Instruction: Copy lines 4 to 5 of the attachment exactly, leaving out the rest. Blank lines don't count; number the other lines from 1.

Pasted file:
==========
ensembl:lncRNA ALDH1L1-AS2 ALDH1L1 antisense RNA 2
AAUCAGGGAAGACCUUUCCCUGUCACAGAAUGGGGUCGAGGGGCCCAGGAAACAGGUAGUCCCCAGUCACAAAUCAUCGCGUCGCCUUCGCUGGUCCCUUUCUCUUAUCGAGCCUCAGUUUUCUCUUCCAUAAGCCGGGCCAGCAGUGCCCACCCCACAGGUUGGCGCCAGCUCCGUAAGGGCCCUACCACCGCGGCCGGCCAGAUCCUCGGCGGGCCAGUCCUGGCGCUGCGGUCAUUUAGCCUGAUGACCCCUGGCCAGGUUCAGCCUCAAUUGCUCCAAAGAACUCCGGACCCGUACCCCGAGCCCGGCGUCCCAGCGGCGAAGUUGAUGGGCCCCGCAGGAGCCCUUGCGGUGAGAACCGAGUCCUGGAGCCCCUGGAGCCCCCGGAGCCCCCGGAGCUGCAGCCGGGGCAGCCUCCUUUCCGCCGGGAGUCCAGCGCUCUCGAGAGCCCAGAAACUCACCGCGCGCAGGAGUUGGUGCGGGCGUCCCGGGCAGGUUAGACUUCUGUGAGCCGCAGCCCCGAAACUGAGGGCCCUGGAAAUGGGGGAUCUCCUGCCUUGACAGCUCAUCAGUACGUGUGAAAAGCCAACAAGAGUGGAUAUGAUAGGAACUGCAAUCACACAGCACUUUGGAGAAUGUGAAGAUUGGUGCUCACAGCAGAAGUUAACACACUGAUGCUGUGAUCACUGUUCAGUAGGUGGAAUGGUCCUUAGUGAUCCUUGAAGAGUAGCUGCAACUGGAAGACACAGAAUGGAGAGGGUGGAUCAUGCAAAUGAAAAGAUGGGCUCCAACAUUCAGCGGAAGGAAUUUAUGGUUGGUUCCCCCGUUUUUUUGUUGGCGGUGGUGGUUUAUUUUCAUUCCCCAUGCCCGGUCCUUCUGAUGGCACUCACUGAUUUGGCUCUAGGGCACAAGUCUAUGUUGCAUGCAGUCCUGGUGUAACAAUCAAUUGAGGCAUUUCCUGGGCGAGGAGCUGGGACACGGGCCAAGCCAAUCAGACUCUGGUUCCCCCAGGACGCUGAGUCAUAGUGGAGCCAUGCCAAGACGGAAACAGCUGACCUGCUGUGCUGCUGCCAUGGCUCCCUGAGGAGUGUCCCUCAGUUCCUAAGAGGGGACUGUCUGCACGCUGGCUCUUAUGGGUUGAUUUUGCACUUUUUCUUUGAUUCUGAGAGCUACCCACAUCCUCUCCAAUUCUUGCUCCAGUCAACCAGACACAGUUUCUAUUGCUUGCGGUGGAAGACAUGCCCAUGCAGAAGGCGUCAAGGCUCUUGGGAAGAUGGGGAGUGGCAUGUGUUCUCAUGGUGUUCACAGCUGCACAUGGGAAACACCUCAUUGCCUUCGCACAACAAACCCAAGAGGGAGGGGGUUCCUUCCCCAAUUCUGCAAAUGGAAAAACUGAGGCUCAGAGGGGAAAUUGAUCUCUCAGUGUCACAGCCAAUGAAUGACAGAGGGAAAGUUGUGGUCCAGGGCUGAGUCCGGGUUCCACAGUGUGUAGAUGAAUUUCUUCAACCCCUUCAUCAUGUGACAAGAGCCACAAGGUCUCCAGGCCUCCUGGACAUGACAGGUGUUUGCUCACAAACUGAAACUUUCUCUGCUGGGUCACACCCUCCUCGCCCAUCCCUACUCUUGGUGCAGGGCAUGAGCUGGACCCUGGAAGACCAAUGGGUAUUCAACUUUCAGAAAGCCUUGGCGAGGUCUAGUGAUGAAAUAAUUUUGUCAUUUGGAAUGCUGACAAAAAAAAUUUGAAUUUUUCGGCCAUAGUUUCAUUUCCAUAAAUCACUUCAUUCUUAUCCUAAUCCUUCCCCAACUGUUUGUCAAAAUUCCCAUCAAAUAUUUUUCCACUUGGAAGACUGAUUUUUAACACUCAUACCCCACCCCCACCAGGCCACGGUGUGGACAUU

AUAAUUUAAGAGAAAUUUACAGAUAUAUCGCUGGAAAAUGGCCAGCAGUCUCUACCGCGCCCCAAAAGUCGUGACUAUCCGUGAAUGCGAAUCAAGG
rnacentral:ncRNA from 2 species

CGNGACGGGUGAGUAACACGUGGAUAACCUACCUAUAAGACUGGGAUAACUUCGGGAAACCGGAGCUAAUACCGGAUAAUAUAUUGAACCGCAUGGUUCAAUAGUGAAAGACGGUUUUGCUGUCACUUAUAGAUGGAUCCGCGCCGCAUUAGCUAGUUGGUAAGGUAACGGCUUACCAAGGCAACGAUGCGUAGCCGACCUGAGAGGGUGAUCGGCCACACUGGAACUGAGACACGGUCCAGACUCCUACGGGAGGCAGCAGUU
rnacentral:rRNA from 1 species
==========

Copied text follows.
rnacentral:ncRNA from 2 species

CGNGACGGGUGAGUAACACGUGGAUAACCUACCUAUAAGACUGGGAUAACUUCGGGAAACCGGAGCUAAUACCGGAUAAUAUAUUGAACCGCAUGGUUCAAUAGUGAAAGACGGUUUUGCUGUCACUUAUAGAUGGAUCCGCGCCGCAUUAGCUAGUUGGUAAGGUAACGGCUUACCAAGGCAACGAUGCGUAGCCGACCUGAGAGGGUGAUCGGCCACACUGGAACUGAGACACGGUCCAGACUCCUACGGGAGGCAGCAGUU